Sunday, June 11, 2017

Take A Little Trip To The Caribbean

Take a little trip, take a little trip
Take a little trip and see
Take a little trip, take a little trip
Take a little trip with me
                           "Low Rider" - Jerry Goldstein
People try to talk me in to taking Caribbean cruises with them, I back down for two reasons. First is I don’t like cruises and second… I want to live.

That might seem like a strange thing to say but many Caribbean island are very, very anti-LGBT. It might not be bad for lesbians, gays, or trans people who can integrate into society but for trans people who stand out in a crowd it could be deadly.
Most countries score an F on our LGBT human rights report card
The Conversation
By Susan Dicklitch-Nelson, Berwood Yost, and Scottie Thompson
June 8, 2017

June is Gay Pride Month, but the sobering reality is that most countries, including the U.S., do not protect sexual minorities.

Our research gives most countries in the world a failing grade in LGBTQ rights, reflecting widespread persecution of sexual minorities. Only one country in 10 actively protects the human rights of sexual minorities.

From persecution to protection
The Franklin & Marshall Global Barometer of Gay Rights (GBGR), started in 2011, ranks countries based on 29 factors that quantify how much a country protects human rights.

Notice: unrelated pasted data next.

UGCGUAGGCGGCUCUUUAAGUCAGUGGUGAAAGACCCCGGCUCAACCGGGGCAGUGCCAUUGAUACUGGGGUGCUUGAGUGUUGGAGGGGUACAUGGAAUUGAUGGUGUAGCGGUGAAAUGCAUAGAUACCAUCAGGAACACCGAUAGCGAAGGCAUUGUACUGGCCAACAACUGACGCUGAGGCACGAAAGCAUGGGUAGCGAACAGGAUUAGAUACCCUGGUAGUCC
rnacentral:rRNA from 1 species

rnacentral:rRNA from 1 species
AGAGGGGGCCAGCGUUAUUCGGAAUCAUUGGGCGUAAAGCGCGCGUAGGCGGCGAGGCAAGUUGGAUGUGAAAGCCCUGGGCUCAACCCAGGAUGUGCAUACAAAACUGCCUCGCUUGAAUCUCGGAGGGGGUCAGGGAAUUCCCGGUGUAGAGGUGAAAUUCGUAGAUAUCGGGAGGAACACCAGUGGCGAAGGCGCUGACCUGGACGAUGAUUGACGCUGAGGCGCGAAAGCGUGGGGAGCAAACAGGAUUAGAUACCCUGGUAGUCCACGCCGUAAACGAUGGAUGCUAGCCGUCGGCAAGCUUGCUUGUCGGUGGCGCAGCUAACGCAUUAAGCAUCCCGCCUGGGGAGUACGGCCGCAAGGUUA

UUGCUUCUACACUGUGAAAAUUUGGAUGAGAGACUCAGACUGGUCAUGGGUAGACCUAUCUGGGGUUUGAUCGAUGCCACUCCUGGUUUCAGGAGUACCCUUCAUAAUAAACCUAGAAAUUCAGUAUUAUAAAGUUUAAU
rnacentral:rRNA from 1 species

It looks not only at constitutional protections, but also societal indicators, political opinion, civil society and economic factors. For example, we look at whether the majority of citizens are accepting of sexual minorities and if gay rights organizations can peacefully and safely assemble.

Countries are then graded on a five-point scale, from F (“persecuting”) to A (“protecting”).

The extremes are stunning. In 2017, 23 countries have legalized same-sex marriage, yet 71 countries still criminalize same-sex acts.

Iran, Saudi Arabia, Somalia, Syria and Yemen score lowest on our scale, with an overall GBGR score of 3 out of a possible score of 100, while Luxembourg, Malta and New Zealand score highest, with 100 percent. A score of 100 percent doesn’t mean a country is perfect in its treatment of LGBT individuals, but it does mean they protect LGBTQ rights.
How do the Caribbean Islands do in the survey?

Bahamas, Barbados, Dominican Republic, Grenada, Haiti, Jamaica, Saint Kitts and Nevis, Saint Lucia, and Trinidad and Tobago all get an “F” for Persecuting.

So no, I really don’t want to walk around on the streets of any of those islands.

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